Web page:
Is there an accepted name for what it's called when someone takes are relative small codebase and splits it up into many tiny libraries, containing just a few or even just a single class, or likewise splitting up a single coherent class into multiple smaller classes that depend on each other.
During my travels, I've twice come across projects that have been atomized in this way, where a single application contains 25+ tiny projects with a complex dependency graph, that all rolls into one application which compiles into less than a single MB of code while running on dedicated servers with hundreds of GB of storage available.
I am looking to discuss this pattern of coding with the other developers, but I am lacking knowledge about established vocabulary on this subject.
Can anyone suggest what this pattern (or anti-pattern) is called, and under which cases you may want to employ it, since I'm moderately certain that is has been employed to an extreme in the wrong context
Edit: The core behaviour I'm investigating is the practice of migrating a coherent and single purpose codebase into multiple ultra-skinny library-projects with low-cohesion that are still tightly coupled with the rest of the original codebase.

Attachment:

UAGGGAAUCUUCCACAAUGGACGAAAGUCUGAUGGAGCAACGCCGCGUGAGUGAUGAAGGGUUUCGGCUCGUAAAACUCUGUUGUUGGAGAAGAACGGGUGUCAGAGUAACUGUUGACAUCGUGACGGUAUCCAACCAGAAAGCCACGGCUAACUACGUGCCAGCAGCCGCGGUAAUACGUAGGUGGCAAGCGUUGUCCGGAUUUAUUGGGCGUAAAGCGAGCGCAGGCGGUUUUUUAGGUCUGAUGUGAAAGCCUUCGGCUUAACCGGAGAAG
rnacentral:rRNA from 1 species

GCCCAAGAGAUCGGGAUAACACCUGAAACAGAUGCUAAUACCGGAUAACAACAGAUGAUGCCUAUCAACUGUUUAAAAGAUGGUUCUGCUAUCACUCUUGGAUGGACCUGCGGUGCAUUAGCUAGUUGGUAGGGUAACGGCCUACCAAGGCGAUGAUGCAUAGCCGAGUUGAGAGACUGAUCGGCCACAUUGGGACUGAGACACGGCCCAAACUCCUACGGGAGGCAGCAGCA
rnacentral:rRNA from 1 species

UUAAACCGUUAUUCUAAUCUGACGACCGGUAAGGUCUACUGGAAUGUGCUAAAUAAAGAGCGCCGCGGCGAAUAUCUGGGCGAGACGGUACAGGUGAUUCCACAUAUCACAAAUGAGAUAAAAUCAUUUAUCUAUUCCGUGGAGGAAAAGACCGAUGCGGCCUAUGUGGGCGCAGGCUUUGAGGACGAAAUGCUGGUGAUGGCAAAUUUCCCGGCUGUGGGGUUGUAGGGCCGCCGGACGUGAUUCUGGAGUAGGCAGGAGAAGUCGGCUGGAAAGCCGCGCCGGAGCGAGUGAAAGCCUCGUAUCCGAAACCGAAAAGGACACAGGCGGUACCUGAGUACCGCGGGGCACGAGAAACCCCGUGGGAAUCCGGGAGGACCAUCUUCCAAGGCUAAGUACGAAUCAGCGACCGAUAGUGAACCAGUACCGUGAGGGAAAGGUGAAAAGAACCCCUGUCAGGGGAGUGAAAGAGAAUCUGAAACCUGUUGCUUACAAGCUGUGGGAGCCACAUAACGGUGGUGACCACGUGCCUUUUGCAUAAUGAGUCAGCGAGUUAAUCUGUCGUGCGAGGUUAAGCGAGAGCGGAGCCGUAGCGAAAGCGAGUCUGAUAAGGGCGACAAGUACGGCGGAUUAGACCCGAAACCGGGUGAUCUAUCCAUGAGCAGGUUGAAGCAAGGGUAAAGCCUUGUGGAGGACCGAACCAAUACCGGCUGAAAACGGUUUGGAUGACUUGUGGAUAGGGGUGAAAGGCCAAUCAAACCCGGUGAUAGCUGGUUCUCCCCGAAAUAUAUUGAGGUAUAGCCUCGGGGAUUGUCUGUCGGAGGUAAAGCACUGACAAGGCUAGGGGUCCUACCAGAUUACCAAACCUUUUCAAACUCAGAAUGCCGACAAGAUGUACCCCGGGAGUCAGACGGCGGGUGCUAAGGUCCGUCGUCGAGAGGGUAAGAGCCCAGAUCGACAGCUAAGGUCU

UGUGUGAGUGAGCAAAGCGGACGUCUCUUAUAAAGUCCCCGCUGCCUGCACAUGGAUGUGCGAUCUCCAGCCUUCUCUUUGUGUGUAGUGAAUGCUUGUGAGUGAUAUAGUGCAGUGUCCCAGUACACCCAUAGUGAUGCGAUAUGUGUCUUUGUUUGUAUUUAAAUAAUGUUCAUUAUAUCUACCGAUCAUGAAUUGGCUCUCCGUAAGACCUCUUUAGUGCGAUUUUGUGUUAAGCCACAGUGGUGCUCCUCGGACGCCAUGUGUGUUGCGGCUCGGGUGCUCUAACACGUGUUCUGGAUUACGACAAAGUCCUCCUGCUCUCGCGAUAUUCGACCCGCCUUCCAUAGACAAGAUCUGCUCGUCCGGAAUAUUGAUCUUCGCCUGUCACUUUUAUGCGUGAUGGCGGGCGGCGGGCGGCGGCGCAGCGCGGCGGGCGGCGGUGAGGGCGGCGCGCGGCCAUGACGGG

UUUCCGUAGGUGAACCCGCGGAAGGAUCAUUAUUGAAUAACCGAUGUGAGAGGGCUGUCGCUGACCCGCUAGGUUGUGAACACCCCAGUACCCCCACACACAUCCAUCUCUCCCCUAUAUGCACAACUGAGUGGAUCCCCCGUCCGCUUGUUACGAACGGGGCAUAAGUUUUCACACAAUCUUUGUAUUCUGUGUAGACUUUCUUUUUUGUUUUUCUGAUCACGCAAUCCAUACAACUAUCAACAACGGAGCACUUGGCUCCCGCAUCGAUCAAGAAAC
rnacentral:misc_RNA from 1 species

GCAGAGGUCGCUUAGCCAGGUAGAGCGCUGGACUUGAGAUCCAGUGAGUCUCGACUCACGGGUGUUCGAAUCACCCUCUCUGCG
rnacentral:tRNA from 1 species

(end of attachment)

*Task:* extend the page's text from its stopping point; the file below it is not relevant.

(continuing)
While the code now compiles into an executable and 11 dlls, none of those dlls are possible to reuse independently. They have so many cross references that one of these libraries is just a collection of interfaces to break cyclic dependencies to allow the solution to compile at all.
Second edit Promoted from a comment to one of the answers given:
I mean splitting, as in being moved to a separate project and compiled into a .dll file, in this case I have the main executable. This uses a class in .dll A, .dll A is implementing an interface that are defined in .dll B, as well as interacting with 2 other interfaces defined in B. The 2 other interfaces used, are defined in .dll file C and .dll file D, which in turn are also reliant on B. Neither A, B, C or D are used anywhere outside of the main executable, and there is no past, current or future requirement to be able to have multiple different implementations of A, C or D